(Living) room shows the living room of a young art collector and his girlfriend. A fire raged in the kitchen of the newly-occupied home, making the adjoining room uninhabitable in a short time.
With the charcoal walls and the details on them, Panyigay constructed new spaces in her photography in which you could easily lose your orientation. You can't exactly imagine the size of the spaces and whether they offer a way out.
It resonates with the feeling the house owner had when he woke up in the middle of the night because of the heat, walked downstairs and got completely disoriented by smoke. Panic and oppression, but also detached from life and reality.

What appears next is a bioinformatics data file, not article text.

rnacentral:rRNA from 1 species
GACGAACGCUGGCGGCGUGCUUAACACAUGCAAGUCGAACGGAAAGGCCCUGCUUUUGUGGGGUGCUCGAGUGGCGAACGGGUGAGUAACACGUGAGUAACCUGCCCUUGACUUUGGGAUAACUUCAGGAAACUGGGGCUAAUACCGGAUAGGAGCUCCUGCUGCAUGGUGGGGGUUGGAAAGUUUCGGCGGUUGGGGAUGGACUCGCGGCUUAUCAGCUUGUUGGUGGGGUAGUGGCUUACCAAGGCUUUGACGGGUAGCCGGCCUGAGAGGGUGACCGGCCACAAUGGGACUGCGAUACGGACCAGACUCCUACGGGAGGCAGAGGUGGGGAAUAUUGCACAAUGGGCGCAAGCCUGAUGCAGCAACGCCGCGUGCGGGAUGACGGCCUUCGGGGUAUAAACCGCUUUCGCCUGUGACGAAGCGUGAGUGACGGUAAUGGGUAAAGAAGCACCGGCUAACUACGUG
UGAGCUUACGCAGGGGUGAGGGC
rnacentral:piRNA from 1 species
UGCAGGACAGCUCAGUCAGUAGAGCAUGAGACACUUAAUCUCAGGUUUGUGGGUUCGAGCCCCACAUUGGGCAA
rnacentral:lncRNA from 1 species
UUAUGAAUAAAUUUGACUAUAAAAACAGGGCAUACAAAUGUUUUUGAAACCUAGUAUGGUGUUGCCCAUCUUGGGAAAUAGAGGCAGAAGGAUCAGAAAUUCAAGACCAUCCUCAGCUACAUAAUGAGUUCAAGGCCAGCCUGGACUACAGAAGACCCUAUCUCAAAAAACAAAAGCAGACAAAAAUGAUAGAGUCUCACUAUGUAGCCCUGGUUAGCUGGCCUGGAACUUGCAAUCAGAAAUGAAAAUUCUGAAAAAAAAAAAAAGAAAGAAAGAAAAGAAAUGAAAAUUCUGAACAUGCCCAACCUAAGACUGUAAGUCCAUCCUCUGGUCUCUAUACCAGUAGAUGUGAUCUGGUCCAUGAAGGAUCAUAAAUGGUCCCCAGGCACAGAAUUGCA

In this series Panyigay reflects on the subject of decay in things, but also the transience of time. Changing and fading memories, dealing with loss and continuing life after impactful events. What do you consider important when you have to rebuild everything? Do you stick to memories or do you make room for new ones? Is there a glimpse in the dark and can eventually something beautiful arise from misery?
Panyigay photographs the emptiness and silence in abandoned spaces and brings the present and absent together. There is always a harmonious discord between light and dark, cheerful and gloomy, resilience and vulnerability. Underneath the surface of these sober interior images are subjects such as transience, loneliness and restlessness, but also resignation and wonder about the beauty of life.